• Finding nearby bathrooms – This one you could probably wing, but since you’re walking around anyway it’s always nice to know where they are.  If you’re picky about your bathrooms, I suggest going to the “low traffic” ones, such as the ones on the upper floors.  Mostly because the only people that use them are responsible profs and the odd grad student, not thousands of freshman.
  • Look around for parking spots – This is getting harder to do if you drive to campus, but the odd time you can find yourself a close spot that no one seems to know about.  There was a little spot by my faculty that allowed only five cars to park, and there was always one free for me!
  • Look for “all” of the restaurants – This is something I should have done.  The U of M campus is rather large, and I discovered new places to eat each year.   Each one being cheaper and better than the last one! Its also a good idea to know where the close coffee shops are for between classes.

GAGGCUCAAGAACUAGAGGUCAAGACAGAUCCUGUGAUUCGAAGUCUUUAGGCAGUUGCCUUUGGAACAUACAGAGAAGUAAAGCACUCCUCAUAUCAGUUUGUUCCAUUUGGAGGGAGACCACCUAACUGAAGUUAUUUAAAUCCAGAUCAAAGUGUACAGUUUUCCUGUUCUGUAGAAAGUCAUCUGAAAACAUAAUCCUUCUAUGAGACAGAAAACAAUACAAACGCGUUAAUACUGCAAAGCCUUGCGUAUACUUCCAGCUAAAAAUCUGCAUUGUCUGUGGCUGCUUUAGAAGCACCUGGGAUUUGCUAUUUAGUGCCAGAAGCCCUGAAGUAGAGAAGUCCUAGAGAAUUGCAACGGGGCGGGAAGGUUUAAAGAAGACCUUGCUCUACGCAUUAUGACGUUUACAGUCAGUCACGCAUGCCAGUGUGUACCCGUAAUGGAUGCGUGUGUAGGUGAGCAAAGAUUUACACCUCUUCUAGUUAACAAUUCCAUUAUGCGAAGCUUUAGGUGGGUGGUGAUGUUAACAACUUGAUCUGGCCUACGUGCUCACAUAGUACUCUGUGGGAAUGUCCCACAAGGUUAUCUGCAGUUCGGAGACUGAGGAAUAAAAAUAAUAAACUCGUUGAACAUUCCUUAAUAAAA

• Find out where your classrooms are located  – another thing that I never took seriously.  It was neat how when the prof welcomed you to “Linear Algebra 101,” and 25% of the class, having discovered that they are in the wrong room, would calmly grab their things and leave the room to frantically find the classroom that they should be in.
  • Find short cuts to save yourself valuable time that can be better spent at the campus pub.

One Last Thing

VISIT THE CAMPUS DURING REGULAR SESSION!  I used to give students tours at the University of Manitoba, and people would always come during summer session and they wouldn’t see the campus for what it really was.   You may have to skip some class in grade 12 to make this happen, but its worth it.  You will be able to see the hustle and bustle of a real school year, the same school year that you will be a part of next year.  It makes no sense to visit during the summer unless you are going there for summer session.